The Finch Formerly Known As Gold

19 June 2005

The equalizer

Neal McCaleb is on the op-ed page of the Oklahoman this morning pitching for State Question 723, and he let this one slip by:

For diesel, the proposed increase is 8 cents, phased in over four years. I respectfully submit to truckers that it is more than fair for them to be taxed at the same rate as the rest of us, given their 18-wheel axles cause much more wear and tear on our roads than normal traffic.

Were that the criterion, it would seem logical to tax them at a higher rate than "the rest of us," wouldn't it?

Posted at 5:36 PM to Soonerland

I agree. Those who drive for a buisiness should be taxed more than the rest of us, if they are making money off of the roads they wreck.

Posted by: Sam at 5:59 PM on 19 June 2005

I had to go read the story to see that for "the rest of us," the rate is five cents per gallon phased in over three years. I'm unable to come up with any calculation of how eight cents per gallon for 18 wheels/9 axles is the same as five cents per gallon for 4 wheels/2 axes.

And I wasn't told there'd be no math.

Posted by: Matt at 9:36 PM on 19 June 2005

Well, when all the calculations are done and all the increases phased in, the difference between the gas tax and the diesel tax will be zero.

Posted by: CGHill at 6:24 AM on 20 June 2005

Current numbers:
Gasoline — 17 cents
Diesel — 14 cents
(Including 1 cent UST fee, to cover the costs associated with underground storage tanks; the federal taxes are additional.)

Posted by: CGHill at 7:08 AM on 20 June 2005

Those who drive for a buisiness should be taxed more than the rest of us...

As a practical matter, it don't work that way. To a business, taxes are an expense. Expenses are covered by revenue, which they get from you and me. If a business doesn't cover its expenses, it loses money, goes out of business, and puts you and me out of work.

Anything that drives up the other guy's cost of doing business, also drives up our cost of living. It may not be explained just that way in the econ textbooks, but in my opinion it's as close to an Iron Law as you're going to get in that discipline.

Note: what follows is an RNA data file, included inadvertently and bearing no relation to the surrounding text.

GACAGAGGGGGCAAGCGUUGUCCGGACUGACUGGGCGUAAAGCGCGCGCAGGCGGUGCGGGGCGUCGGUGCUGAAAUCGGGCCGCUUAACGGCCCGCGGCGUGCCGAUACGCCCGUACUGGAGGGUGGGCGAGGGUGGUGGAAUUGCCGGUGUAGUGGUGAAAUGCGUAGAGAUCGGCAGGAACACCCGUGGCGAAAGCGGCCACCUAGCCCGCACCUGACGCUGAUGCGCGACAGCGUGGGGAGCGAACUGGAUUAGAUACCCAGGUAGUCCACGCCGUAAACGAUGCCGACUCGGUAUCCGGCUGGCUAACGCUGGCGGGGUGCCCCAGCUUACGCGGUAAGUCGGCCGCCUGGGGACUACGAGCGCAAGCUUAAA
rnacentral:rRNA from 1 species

Posted by: McGehee at 9:03 AM on 20 June 2005

A recent unpublished letter to the Tulsa World from Tom Elmore states:

One penny of state gasoline tax produced $18.8 million in revenue -- while one penny of diesel tax brought in only $6.4 million. Trucking would have to pay more than TRIPLE its current fuel taxation to actually break even with what the state driving public already pays. Of course, it's also true that a standard "18-wheeler" operating at its maximum legal weight inflicts pavement damage equivalent to 9,600 automobiles -- so merely tripling diesel tax wouldn't begin to cover it.

Call me a cynic but I have a slight problem with the highway construction "special interests" touting additional fuel taxes to line their pockets.

Posted by: Bobby at 8:03 PM on 20 June 2005

I'm just thankful that the "make the turnpikes 'free'" nonesense died (or at least became quiescent) with the defeat of Gary Richardson.

Why would I want to subsidize out-of-state truckers tearning up our roads and making Interstate driving more dangerous?

I'm all for increasing the diesel tax. I will vote against the gas tax increase, partly because I don't trust the gubmint - but mostly because I don't like porkers ordering their own bacon.

(And the crosses - that pretty much settled it)

Posted by: Dan at 12:43 AM on 21 June 2005

The federal diesel tax, last I looked, was 24.4 cents, six cents above the gasoline tax. Then again, with Federal taxes, God only knows where the money goes.

Posted by: CGHill at 8:29 AM on 21 June 2005


It would certainly be true that adding to the cost of delivering goods would raise prices. However, if it becomes the case that trucks were to pay an amount in taxes equitable to the amount of damage they do to the roads, then that simply gives us an honest economic situation where we pay the correct amount for what we get. Subsidizing trucks by soaking passenger vehicles creates a warped economic situation which leads to inefficiency and waste. It may be more efficient to move some of these goods by other means, or for retailers to buy closer to home, but we don't see that happen because trucks are taking advantage of the ability to avoid paying their fair share.

It also might be waise to remember that McCaleb was state Secretary of Transportation for Keating, and for Bellmon, and if the roads suck, he's the individual most responsible for that. He's also, and this is no coincidence, the lead shill for the road lobby.

Posted by: Chris at 10:17 PM on 21 June 2005

I'm still disgusted by McCaleb's white cross stunt. He turned a mourning ritual into a political publicity stunt and then dared ODOT to do anything about it. What a nice man.

Posted by: RRD at 12:25 PM on 22 June 2005

Oh, and let's not forget the white crosses were supposed to represent all the people who died on Oklahoma roads for reasons other than speeding or DUI. Doesn't this imply that all other deaths were caused by deficient roads? Is running a stop sign a road deficiency? Improper lane changes? Distracted driving? Falling asleep at the wheel?

Posted by: RRD at 12:28 PM on 22 June 2005